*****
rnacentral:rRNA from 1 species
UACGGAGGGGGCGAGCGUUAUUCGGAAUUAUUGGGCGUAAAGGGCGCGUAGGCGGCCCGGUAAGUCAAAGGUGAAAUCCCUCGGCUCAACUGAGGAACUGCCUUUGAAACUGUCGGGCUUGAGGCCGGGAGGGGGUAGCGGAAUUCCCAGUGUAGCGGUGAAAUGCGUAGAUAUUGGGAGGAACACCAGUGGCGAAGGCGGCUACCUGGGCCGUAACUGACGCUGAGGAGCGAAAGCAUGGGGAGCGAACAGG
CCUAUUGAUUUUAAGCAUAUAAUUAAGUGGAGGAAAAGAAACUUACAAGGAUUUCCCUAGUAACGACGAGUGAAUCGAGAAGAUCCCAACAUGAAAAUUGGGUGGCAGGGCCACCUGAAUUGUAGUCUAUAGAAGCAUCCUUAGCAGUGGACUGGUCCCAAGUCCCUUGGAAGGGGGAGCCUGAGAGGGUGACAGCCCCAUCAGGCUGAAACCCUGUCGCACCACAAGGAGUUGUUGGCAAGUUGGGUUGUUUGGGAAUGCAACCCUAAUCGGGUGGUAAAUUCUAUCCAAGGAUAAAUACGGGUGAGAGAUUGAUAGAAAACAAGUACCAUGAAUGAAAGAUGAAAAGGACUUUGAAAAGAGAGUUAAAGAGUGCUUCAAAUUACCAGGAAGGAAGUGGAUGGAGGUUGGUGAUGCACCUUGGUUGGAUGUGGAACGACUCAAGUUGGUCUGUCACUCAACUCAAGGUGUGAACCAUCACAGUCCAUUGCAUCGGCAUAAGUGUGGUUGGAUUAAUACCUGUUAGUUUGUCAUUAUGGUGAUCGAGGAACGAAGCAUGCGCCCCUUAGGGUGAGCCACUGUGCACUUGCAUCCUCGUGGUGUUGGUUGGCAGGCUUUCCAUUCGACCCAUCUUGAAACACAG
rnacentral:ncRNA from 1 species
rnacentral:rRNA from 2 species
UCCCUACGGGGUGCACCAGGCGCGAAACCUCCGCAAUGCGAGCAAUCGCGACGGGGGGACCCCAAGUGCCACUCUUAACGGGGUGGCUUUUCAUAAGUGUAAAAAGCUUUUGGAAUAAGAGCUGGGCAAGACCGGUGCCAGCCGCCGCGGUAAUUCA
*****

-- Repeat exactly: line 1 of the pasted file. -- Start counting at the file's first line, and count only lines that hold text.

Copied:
rnacentral:rRNA from 1 species